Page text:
“Check this out.” I listened closely as Adrian Turner queued up Poinciana by the Ahmad Jamal Trio. “It’s highly structured and orchestrated…the spaces deliberate, equal to the sounds.” In his book The History of Jazz, Ted Gioia wrote “Jamal was a harbinger of the future of jazz…his studied use of space influenced Miles Davis and anticipated the later work of Bill Evans…the charm of Jamal’s music came rather from his ability to maintain the swing, emotional conviction, and mood of his music even when playing the fewest notes.” Moments later, Adrian and his friends Darrell Morgan and Yumiko Koshima took up the bass, drums and piano, respectively, and the trio began the hard work of crafting their original compositions into a performance, inspired by the sparse, cool sounds of Ahmad’s piano and his colleagues Vernal Fournier on drums and Israel Crosby on bass (archival film footage of the Ahmad Jamal Trio in 1959 is available on YouTube). Three months later in June 2013 the trio – Adrian, Darrell and Yumi – now calling themselves Circuit M.T.G – are joined by saxaphonist Dereck Mclyn and vocalist Annabel Lee for an evening of jazz and dance called Prime Spirit at ArtShare L.A. (a sanctuary for the arts in downtown Los Angeles providing live/work lofts and spaces for performance and exhibition). Their music is sublime; inspired, I sketch while they perform. It is a perfect evening, and I hope the music never ends; it brings me such joy to experience my good friend Adrian’s art, and although I’ve only briefly spent time with Darrell and Yumi I feel connected to them by experiencing their love for and commitment to jazz.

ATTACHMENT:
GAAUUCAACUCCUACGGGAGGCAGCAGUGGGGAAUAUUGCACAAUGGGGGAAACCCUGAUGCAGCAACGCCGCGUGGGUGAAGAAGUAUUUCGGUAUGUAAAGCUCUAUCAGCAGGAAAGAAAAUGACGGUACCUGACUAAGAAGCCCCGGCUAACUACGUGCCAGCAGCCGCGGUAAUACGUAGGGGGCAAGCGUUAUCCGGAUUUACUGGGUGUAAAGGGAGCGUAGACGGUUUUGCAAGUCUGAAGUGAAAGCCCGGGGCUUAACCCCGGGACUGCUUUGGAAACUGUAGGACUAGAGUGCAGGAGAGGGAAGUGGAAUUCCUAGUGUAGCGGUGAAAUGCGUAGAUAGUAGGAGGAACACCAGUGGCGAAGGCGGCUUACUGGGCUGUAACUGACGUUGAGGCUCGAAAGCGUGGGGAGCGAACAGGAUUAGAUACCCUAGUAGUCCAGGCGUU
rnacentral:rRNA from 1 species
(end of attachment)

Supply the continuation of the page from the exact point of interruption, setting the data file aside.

ArtShare L.A. is near the Fashion District and a couple of blocks from South Central; the steamy hot day is coming to closure as the sun sets behind the high rises of Bunker Hill. There is historical context for jazz performance in this place. In his forward to Central Avenue Sounds, Steven Isoardi, a cultural history writer and oral historian states “from the 1920s through the early 1950s…Central Avenue, extending from downtown Los Angeles south through Watts, was the economic and social center of the black population of a segregated Los Angeles…at night it became a social and cultural mecca, attracting thousands of people from throughout southern California to its eateries, theaters, nightclubs and music venues…this nonstop, vibrant club scene produced some of the major voices in jazz and rhythm and blues and it was the only integrated setting in Los Angeles.” The book is based on excerpts from the UCLA Oral History Program’s interviews with musicians such as female trumpeter Clora Bryant (who played with Count Basie and Duke Ellington) and Buddy Collette (well known as a member of Chico Hamilton’s quintet). Looking West at the sunset for a moment I imagine the community, so vibrant in the years just before I was born, documented pictorially in Carolyn Kozo Cole’s Shades of L.A.: Pictures from Ethnic Family Albums and captured by Walter Mosley’s hero Easy Rawlins in a series of novels starting with Devil in a Blue Dress. Paraphrasing the historian Mina Yang, many factors played a role in the demise of Central Avenue: a downsizing post-WWII economy deprived many African-Americans of jobs; upwardly mobile black families were able to move out of South Central with the U.S. Supreme Court 1948 ruling making housing covenants illegal; and the merger of formerly segregated musician’s unions permitted black musicians to play in venues in other parts of Los Angeles. But for insight into the role police played in the destruction of the neighborhood read Yang’s article A Thin Blue Line down Central Avenue: The LAPD and the Demise of a Musical Hub.